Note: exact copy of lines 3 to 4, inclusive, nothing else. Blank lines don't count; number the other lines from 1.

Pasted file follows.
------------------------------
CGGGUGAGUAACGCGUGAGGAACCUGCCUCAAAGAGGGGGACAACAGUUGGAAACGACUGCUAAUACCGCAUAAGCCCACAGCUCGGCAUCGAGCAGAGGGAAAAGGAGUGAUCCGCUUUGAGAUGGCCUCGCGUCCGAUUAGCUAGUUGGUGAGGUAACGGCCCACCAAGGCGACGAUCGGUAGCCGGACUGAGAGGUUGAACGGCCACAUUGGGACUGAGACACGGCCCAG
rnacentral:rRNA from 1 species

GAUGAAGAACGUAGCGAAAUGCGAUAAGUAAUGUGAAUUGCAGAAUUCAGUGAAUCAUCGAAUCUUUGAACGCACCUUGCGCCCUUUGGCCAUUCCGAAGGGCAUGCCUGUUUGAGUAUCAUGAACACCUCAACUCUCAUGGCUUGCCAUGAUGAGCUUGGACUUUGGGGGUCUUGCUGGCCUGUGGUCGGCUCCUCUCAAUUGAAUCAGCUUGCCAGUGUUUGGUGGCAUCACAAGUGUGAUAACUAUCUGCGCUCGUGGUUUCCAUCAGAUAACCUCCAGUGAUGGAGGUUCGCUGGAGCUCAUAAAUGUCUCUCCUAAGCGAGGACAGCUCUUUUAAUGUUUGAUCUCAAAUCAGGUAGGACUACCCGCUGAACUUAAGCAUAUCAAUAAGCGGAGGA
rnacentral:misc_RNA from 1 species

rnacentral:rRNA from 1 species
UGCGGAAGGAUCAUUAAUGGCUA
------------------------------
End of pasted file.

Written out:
GAUGAAGAACGUAGCGAAAUGCGAUAAGUAAUGUGAAUUGCAGAAUUCAGUGAAUCAUCGAAUCUUUGAACGCACCUUGCGCCCUUUGGCCAUUCCGAAGGGCAUGCCUGUUUGAGUAUCAUGAACACCUCAACUCUCAUGGCUUGCCAUGAUGAGCUUGGACUUUGGGGGUCUUGCUGGCCUGUGGUCGGCUCCUCUCAAUUGAAUCAGCUUGCCAGUGUUUGGUGGCAUCACAAGUGUGAUAACUAUCUGCGCUCGUGGUUUCCAUCAGAUAACCUCCAGUGAUGGAGGUUCGCUGGAGCUCAUAAAUGUCUCUCCUAAGCGAGGACAGCUCUUUUAAUGUUUGAUCUCAAAUCAGGUAGGACUACCCGCUGAACUUAAGCAUAUCAAUAAGCGGAGGA
rnacentral:misc_RNA from 1 species